Respiratory Compromise

Respiratory Therapy Magazine Highlights Flawed Monitoring Practices, Features PPAHS Article on Opioid Safety

by Sean Power

Volume 8 Number 1 February-March 2013 of Respiratory Therapy Magazine features an article by the Physician-Patient Alliance for Health & Safety that summarizes the points of view of four experts. Read More

Alarm Fatigue, Opioid Safety, Respiratory Compromise

10 Reminders to Ensure Safer Use of Patient-Controlled Analgesia

PCA-related device events are three times as likely to result in injury or death. As Tim Ritter (Senior Patient Safety Analyst, Pennsylvania Patient Safety Authority) reminds us, “Over the six-year period from June 2004 to May 2010, data collected by Pennsylvania Patient Safety Authority revealed that there were approximately 4,500 reports associated with PCA pumps. Moreover, U.S. Food and Drug Administration’s (FDA) Manufacturer and User Device Experience (MAUDE) database demonstrates that PCA-related device events are three times as likely to result in injury or death as reports of device events involving general-purpose infusion pumps.” Read More

Opioid Safety, Respiratory Compromise

Health Experts Discuss Four Flawed Monitoring Practices

by Sean Power

Recently four health experts participated in a webinar on The Joint Commission’s Sentinel Event Alert on the safe use of opioids. On the panel were patient safety experts including Dr. Frank Overdyk, Professor of Anesthesiology at Hofstra North Shore-LIJ School of Medicine; Ray Maddox, Director of Clinical Pharmacy, Research and Pulmonary Medicine at St. Joseph Candler; Tammy Haslar, Oncology Clinical Nurse Specialist at the Franciscan Alliance at St. Francis Health, and Debbie Fox, Director of Respiratory Care at Wesley Medical Center.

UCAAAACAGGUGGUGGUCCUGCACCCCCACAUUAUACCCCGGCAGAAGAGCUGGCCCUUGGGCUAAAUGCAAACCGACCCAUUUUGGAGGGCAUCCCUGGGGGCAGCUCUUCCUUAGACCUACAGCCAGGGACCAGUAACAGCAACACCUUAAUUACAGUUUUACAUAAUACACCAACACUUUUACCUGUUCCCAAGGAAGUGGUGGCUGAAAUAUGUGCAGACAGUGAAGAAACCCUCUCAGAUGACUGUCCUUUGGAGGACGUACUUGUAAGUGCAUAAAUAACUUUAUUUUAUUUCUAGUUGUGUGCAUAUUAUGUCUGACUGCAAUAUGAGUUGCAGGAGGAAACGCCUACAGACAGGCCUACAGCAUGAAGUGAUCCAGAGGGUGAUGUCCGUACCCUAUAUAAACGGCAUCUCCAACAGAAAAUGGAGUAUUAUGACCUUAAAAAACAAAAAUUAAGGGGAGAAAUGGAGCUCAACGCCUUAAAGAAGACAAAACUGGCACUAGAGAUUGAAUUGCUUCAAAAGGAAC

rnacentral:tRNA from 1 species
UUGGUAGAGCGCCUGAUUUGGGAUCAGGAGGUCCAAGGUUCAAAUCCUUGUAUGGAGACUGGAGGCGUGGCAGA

The panel discussed the role of continuous monitoring in opioid safety. To watch the entire webinar, please click here. Read More

Practices & Tips, Respiratory Compromise

5 Tips on How to Improve Patient Safety With the Help of Technology

by Michael Wong

(This article first appeared in Becker’s Clinical Quality & Infection Control.)

More than 10 years ago, the Institute of Medicine in its landmark report, “To Err is Human” pointed out that at least 44,000 people, and perhaps as many as 98,000 people, die in hospitals each year as a result of medical errors that could have been prevented. IOM therefore called for the building of a safer healthcare delivery system.

In 2009, ten years after the original IOM report, Consumers Union, the non-profit publisher of Consumer Reports, concluded in its report “To Err is Human – To Delay is Deadly”:

“Despite a decade of work, we have no reliable evidence that we are better off today. More than 100,000 patients still needlessly die every year in U.S hospitals and health-care settings …”

Implementing change to decrease adverse events and to increase patient safety can be difficult for hospitals and healthcare facilities to implement. But, improvements are possible. Here are five tips to get you started. Read More